Not Fragmented Individuals: Towards the Undivided Whole

The goal of education is to help the individual integrate the inner and the outer, the self and the world; but today we experience a fragmentation that has given birth to conflict both in the world as well as within. A pedagogue engages with the root cause of this problem and pleads for a new journey.
Stephen Smith

The goal of education is to help the individual integrate the inner and the outer, the self and the world; but today we experience a fragmentation that has given birth to conflict both in the world as well as within. A pedagogue engages with the root cause of this problem and  pleads for a new journey.


Stephen Smith was the Acting Principal/ Academic Director, and  a teacher at the Krishnamurti Brockwood Park School in England with twenty years of experience in the field.  While living in Ojai, California, he was the Centre Coordinator for the Krishnamurti Foundation of America, organising events and facilitating dialogues.  He now divides his time between his home in England, Ojai California, and various places in India where he continues to give talks and facilitate dialogues.


When we use the word today, however, it is much more linked to individualism—a semantic shift of no mean proportions.  We speak of individual human rights, including, in America, the right to bear arms; the right, in a democracy, to vote, etc.  Often contrasted with the collective, and set off against the brutalities of totalitarianism, it has become the common badge of freedom.  Because of these relative advantages—women’s rights, not woman’s suppression—we tend to ignore the limitations imposed on our consciousness by what is, essentially, political thinking.


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J. Krishnamurti with children / Image : Krishnamurti Foundation

 

As things exist today, we start with fragmentation, of which the nation state is a prime example.  Divided off into “peoples”, with different languages and cultures, we attempt to put the pieces back together through organs such as the United Nations.  These, again, may have some advantages, but they are inevitably limited and, often, short-lived.  Our attempts to deal with problems piecemeal—and, indeed, to construe them in the first place as problems—indicates that we are dealing with them fragmentarily.   And, as we well know from experience, each solution contains and calls forth further problems.  There is no end to it, at the level of thought.

Is it possible, then—the question begs itself—to begin, in some sense, with or from the whole?  The question is tricky because thought itself is fragmented: as the nation state, so is the individual.  But, though it may seem a contradiction, some approaches are more “whole” than others.  Why not start, for instance, with Planet Earth as a whole?—this beautiful, blue, floating ball which we can now all see as if from space.  It is, after all, our home, whether we live in Africa or Australia. What prevents us from seeing this “global fact”, especially now that it is there before us, if not our commitment to our own nation/ tribe?  We can, and we should, study the facts— overpopulation, air and water pollution, the loss of species, environmental degradation—and begin to see that we are responsible: it is human beings who have brought this about.  This is not some kind of “guilt trip”, but a simple acknowledgement of facts.  And, with goodwill and co-operation, what has been done can be undone.  The fact itself is a stimulus.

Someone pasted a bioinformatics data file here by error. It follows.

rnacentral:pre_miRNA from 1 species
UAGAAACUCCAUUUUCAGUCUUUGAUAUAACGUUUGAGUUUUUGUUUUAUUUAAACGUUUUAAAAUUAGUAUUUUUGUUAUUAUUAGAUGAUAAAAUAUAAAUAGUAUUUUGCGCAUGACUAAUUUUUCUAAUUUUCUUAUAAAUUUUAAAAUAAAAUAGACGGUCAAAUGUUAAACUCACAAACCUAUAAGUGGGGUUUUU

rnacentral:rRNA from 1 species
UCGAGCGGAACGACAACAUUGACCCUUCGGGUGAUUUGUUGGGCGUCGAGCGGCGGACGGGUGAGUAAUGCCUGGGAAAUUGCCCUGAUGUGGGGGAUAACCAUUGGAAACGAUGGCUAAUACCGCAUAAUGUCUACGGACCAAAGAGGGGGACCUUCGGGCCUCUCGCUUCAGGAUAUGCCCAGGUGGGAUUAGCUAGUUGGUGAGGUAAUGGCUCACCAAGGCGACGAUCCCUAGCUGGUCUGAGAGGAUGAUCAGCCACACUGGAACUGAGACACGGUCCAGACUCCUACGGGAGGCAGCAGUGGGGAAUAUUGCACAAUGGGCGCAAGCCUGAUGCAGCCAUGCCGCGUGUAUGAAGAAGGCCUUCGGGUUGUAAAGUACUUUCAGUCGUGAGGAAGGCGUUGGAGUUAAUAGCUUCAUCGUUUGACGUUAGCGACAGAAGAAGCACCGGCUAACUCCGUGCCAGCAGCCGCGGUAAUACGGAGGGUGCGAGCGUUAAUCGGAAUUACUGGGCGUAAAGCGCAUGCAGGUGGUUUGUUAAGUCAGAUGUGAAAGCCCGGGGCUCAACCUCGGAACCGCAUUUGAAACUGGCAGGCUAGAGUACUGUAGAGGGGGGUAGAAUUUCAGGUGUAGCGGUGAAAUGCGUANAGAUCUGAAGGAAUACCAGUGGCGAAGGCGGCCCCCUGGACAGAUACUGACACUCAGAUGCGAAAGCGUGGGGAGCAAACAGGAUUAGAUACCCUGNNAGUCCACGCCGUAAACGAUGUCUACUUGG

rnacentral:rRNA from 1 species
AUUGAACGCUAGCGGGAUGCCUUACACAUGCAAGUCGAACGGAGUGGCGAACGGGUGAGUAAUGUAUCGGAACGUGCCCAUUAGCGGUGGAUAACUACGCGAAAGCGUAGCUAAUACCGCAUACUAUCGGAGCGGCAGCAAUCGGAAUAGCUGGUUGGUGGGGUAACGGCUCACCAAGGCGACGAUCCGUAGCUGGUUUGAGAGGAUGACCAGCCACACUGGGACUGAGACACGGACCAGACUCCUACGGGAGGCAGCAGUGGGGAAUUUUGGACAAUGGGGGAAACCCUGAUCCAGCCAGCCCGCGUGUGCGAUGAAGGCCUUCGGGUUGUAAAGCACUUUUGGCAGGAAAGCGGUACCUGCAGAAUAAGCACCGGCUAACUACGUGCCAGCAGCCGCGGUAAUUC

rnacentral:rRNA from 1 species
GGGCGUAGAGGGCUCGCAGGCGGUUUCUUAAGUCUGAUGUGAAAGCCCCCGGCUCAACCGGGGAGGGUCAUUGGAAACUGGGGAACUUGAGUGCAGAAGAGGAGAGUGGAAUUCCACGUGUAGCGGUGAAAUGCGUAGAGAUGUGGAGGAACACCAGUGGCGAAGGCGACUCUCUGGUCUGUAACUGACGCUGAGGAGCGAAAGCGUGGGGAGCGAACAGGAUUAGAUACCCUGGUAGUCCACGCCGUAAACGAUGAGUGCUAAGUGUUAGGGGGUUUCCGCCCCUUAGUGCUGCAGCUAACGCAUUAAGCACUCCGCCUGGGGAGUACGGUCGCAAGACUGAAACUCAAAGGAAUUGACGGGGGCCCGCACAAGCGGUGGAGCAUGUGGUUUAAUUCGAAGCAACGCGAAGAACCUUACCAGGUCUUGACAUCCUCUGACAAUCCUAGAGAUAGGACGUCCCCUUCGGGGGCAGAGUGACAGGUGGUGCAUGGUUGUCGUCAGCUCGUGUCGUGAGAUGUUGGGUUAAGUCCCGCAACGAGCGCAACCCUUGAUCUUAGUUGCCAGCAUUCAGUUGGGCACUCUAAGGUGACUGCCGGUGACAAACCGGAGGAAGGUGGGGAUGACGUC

While the cosmic order may be something that one feels on a clear, starlit night when everything is still, it lies within our grasp on a daily basis to bring holism into the curriculum.  This means that we begin with the whole and not the part, with the human being, not the Easterner or Westerner.  The Earth is our home; it is also one—one integral system, sometimes called Gaia.  All is a net, a web of relationships, which we acknowledge when we speak of the World Wide Web.  But, not merely an information  network, it is the source and basis of our being-in-the-world, as indispensable as the air we breathe.  We cannot take a step without it, literally.

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J. Krishnamurti / Image Source : Krishnamurti foundation

What is it, then, that has divided us?  The route leads back to consciousness.  It is in the nature of consciousness as we know it to break things down, to analyse, to fragment—and from there to construct, as one might build a  bridge.  At the physical level, it works very well; without it we would have no technology, no medicine, no science, no instruments, no culture.  But at the level of our being, at the level of who we are, this process of division and separation is deadly: it divides the East from the West, the Black from the White, the Arab from the Jew, etc.  It is the cause of class consciousness, sexual violence, psychological conflict and, ultimately, war.   It also enhances at every step the sense of oneself as a separate individual.  And, when this separation becomes too intense, there is nervous breakdown and psychological collapse.

The fault seems to be that we accept without question the status quo of this consciousness.  We may examine the detail—we do in therapy, for instance—but we take it for granted that “this is it”: the consciousness we come with is all there is.  In this way we ensure that nothing much will change, that the most we can hope for is improvement, reform.  To speak of revolution is a kind of heresy, the brain child of “marginals” with nowhere to go.  But, to start with holism and the whole human being is in itself a kind of    revolution; it is the beginning of something whose future is unknown.  For, the ordering of thought is completely predictable and that is one reason we cling to it: it gives one a sense of complete security, however illusory that security may be.  If, for instance, I espouse a religion that prosecutes war as a means of making peace, I may be utterly certain of the rightness of my cause, whatever the consequence to others.  It is the affirmation of the consciousness of mankind, which has evolved superficially over time but which has remained what it is: ignorant and barbaric.  To bring about a mutation in this consciousness is the goal of holism and of all true education.